If you don’t know what grading is, it’s basically the process of reshaping the contours of a property to get it to do what you want it to do.   Grading has one huge and really important purpose, redirecting water.   It takes the water that falls around your house or runs towards your house, and redirects it around your building.  Along the side of houses, the landscape ever so slightly slopes from the foundation, keeping water from sitting near the walls of your house where it causes frustrating and expensive damage.

GOOD DESIGN PRINCIPLES

A Roman Architect called Vitruvius wrote an essay about architecture many years ago called ‘De Architectura’, In it, he asserted that good architecture comprises three principles:

FIRMATIS (Durability) – It should stand up robustly and remain in good condition.

UTILITAS (Utility) – It should be useful and function well for the people using it.

VENUSTATIS (Beauty) – It should delight people and raise their spirits.

His writings are still applicable and relevant today. His principles should  play an important role in the design process for your renovation.

GEOTECHNICAL

If you’re excavating into a sloping site, or digging to add a lower level to your house or for a swimming pool, then you are going to need a geotechnical report. Houses get built from the ground up, so the first thing that needs to be established for any building is its foundations. You’ll appreciate that the footings of your house need to be designed so that they best respond to and cope with the behavior of the soil – as a result, different soil types need different footing solutions.   This is something an engineer needs to know at the start of your project so that they can design the size and shape of the footings accordingly.

 

 

 

h is for with eames chair in background

 

 

 

‘H’ is for   

 

 

HOUZZ

Houzz.com.au is a website that can be an endlessly fascinating ‘rabbit hole’ where you can lose days, months, years of your life, But also an incredible source of info and inspiration…

HERITAGE OVERLAY

State and Local Government have rules in place aimed at preserving places and aspects of our local history and culture. These can be convict-era buildings in the city, shops, schools churches, factories and/ or houses in our suburbs. If your home is identified as having Heritage significance, your renovation will be subject to fairly strict guidelines and rules. This will have implication on what you can actually do on your property and will impact your budget.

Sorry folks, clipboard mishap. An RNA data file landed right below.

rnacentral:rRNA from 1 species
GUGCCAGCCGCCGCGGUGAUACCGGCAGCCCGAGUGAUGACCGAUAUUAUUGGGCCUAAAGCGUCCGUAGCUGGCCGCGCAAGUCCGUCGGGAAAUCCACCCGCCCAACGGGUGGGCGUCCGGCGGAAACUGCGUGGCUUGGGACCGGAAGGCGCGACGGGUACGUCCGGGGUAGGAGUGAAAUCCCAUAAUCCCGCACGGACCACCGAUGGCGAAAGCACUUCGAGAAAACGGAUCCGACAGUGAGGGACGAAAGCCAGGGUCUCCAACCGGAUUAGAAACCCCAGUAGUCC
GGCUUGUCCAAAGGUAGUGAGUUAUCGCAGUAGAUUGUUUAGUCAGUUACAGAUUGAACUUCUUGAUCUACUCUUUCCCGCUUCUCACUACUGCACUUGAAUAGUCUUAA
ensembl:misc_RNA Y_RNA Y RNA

HABITABLE FLOOR SPACE

Habitable floor space refers to the areas of your home that are living spaces (habitable) as opposed to a  non–habitable areas (e.g. utility areas, garage, laundry and storage room) Habitable floor space becomes an issue for town planning and building approvals and especially if you are in a Flood Overlay

HAZARDOUS WASTE

Hazardous waste is material that has the potential to harm humans of the environment, now or in the future. In building, a common one is asbestos. Although asbestos products are no longer used, its removal is still a big issue. Did you know – Approximately one third of all homes in Australia contain asbestos products? If your house was built before 1990, it is likely that there will be asbestos present in some form.

HANDOVER

The handover of the site to the client takes place once the contract administrator has confirmed that the works defined in the contract are complete. However, it should be planned well in advance, and any special requirements included in appointment documents and contracts.

 

 

That’s all for now, folks…Stay tuned for the next installment of our renovation alphabet in a few weeks…

 

Cover Photo by Alexander Andrews on Unsplash